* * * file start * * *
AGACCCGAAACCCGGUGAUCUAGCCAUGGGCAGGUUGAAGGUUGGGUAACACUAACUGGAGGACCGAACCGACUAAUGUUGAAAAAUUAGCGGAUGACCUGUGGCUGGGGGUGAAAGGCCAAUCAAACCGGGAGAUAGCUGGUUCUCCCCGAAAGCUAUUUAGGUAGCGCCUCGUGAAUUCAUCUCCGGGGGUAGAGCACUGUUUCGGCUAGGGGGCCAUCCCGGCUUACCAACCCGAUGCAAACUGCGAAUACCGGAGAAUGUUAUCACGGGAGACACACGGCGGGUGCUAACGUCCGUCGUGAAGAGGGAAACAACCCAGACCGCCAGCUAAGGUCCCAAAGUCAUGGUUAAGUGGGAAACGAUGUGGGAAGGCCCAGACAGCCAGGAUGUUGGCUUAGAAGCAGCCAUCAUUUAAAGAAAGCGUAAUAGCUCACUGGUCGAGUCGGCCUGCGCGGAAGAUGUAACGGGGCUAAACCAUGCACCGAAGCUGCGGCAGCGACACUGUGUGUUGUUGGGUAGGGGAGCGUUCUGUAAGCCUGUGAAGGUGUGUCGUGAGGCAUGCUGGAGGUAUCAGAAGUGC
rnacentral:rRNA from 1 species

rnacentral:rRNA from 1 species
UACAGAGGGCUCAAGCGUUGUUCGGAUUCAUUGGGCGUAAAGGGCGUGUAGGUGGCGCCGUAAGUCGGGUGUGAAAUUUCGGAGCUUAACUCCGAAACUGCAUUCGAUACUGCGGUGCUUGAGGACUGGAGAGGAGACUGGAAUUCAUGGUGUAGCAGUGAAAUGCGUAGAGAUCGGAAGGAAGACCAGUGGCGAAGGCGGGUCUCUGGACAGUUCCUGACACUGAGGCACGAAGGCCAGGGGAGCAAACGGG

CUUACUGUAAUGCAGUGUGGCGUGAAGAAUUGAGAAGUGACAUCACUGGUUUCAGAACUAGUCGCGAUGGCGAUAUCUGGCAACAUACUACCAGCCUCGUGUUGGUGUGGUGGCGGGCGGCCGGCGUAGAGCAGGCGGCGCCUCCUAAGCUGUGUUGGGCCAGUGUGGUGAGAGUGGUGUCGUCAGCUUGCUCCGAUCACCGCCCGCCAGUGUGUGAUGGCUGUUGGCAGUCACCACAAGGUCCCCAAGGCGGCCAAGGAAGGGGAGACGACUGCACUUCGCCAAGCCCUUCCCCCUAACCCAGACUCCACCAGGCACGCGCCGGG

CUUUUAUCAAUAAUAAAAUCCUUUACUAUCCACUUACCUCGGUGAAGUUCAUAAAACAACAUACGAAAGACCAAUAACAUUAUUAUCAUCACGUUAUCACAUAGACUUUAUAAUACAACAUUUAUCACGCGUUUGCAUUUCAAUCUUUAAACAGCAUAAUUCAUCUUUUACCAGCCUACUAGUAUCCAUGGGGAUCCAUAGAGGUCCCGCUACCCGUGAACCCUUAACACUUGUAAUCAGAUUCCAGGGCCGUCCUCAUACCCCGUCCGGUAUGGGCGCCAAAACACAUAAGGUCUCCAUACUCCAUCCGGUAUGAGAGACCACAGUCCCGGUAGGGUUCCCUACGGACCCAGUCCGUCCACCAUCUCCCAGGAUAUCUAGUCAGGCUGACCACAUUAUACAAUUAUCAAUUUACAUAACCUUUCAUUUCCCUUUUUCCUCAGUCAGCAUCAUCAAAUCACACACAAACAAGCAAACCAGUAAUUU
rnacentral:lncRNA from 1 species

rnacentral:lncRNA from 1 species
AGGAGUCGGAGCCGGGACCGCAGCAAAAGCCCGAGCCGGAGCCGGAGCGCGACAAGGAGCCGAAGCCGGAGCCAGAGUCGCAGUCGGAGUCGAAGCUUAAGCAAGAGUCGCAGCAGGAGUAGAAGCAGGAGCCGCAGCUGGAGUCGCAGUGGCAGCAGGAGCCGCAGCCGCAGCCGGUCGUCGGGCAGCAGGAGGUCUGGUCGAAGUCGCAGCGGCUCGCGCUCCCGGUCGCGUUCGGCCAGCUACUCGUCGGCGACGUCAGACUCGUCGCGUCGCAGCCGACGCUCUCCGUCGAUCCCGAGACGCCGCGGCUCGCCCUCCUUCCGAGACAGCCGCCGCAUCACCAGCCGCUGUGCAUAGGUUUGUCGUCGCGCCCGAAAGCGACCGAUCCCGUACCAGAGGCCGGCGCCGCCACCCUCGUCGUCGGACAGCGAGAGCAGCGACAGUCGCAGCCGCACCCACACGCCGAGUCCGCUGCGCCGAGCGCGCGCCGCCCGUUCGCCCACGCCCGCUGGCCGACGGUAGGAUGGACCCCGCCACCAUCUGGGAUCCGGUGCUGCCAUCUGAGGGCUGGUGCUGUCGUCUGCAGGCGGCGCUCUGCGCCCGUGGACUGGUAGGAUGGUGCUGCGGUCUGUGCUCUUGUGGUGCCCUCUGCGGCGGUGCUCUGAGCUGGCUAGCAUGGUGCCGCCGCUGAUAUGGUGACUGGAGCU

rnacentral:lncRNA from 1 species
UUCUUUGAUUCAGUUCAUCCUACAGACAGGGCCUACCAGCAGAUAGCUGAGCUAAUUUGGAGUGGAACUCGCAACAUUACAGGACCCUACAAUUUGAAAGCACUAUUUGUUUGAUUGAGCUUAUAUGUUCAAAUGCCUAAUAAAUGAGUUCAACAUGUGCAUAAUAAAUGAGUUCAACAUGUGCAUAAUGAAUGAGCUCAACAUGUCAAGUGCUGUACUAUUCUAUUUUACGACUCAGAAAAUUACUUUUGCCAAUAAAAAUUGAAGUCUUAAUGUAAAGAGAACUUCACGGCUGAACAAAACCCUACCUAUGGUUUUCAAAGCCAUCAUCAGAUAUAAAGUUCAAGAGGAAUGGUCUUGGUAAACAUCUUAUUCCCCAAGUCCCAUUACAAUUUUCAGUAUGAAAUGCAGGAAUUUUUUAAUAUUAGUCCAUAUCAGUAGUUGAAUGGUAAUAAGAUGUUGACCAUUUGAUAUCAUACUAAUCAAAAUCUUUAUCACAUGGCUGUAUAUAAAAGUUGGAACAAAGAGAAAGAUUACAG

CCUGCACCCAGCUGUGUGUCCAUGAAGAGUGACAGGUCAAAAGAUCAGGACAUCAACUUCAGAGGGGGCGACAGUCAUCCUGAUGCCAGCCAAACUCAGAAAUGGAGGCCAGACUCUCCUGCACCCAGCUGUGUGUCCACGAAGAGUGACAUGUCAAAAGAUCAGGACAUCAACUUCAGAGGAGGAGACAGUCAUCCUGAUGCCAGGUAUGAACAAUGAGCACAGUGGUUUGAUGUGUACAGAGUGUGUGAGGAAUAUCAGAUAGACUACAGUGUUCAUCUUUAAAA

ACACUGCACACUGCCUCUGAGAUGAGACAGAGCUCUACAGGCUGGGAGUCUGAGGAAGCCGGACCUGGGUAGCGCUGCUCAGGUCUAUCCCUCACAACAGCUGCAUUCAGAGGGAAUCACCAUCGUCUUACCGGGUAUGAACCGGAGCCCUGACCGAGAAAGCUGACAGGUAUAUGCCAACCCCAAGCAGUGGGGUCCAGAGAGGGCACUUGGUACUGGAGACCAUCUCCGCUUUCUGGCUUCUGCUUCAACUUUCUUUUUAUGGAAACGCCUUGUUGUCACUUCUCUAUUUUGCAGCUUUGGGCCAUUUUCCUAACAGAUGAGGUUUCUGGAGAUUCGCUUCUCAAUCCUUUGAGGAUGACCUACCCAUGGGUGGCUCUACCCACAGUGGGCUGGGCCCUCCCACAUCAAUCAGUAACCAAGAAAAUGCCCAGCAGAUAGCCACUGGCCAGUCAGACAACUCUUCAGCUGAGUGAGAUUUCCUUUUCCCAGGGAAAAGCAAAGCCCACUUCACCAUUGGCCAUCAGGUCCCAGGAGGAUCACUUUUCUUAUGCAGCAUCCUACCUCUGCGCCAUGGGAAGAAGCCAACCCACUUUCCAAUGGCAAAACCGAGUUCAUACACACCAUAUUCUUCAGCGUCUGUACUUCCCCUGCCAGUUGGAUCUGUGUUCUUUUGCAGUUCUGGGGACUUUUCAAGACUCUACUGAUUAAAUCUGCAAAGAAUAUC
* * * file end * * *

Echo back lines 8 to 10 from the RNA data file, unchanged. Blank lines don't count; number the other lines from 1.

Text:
rnacentral:lncRNA from 1 species
AGGAGUCGGAGCCGGGACCGCAGCAAAAGCCCGAGCCGGAGCCGGAGCGCGACAAGGAGCCGAAGCCGGAGCCAGAGUCGCAGUCGGAGUCGAAGCUUAAGCAAGAGUCGCAGCAGGAGUAGAAGCAGGAGCCGCAGCUGGAGUCGCAGUGGCAGCAGGAGCCGCAGCCGCAGCCGGUCGUCGGGCAGCAGGAGGUCUGGUCGAAGUCGCAGCGGCUCGCGCUCCCGGUCGCGUUCGGCCAGCUACUCGUCGGCGACGUCAGACUCGUCGCGUCGCAGCCGACGCUCUCCGUCGAUCCCGAGACGCCGCGGCUCGCCCUCCUUCCGAGACAGCCGCCGCAUCACCAGCCGCUGUGCAUAGGUUUGUCGUCGCGCCCGAAAGCGACCGAUCCCGUACCAGAGGCCGGCGCCGCCACCCUCGUCGUCGGACAGCGAGAGCAGCGACAGUCGCAGCCGCACCCACACGCCGAGUCCGCUGCGCCGAGCGCGCGCCGCCCGUUCGCCCACGCCCGCUGGCCGACGGUAGGAUGGACCCCGCCACCAUCUGGGAUCCGGUGCUGCCAUCUGAGGGCUGGUGCUGUCGUCUGCAGGCGGCGCUCUGCGCCCGUGGACUGGUAGGAUGGUGCUGCGGUCUGUGCUCUUGUGGUGCCCUCUGCGGCGGUGCUCUGAGCUGGCUAGCAUGGUGCCGCCGCUGAUAUGGUGACUGGAGCU

rnacentral:lncRNA from 1 species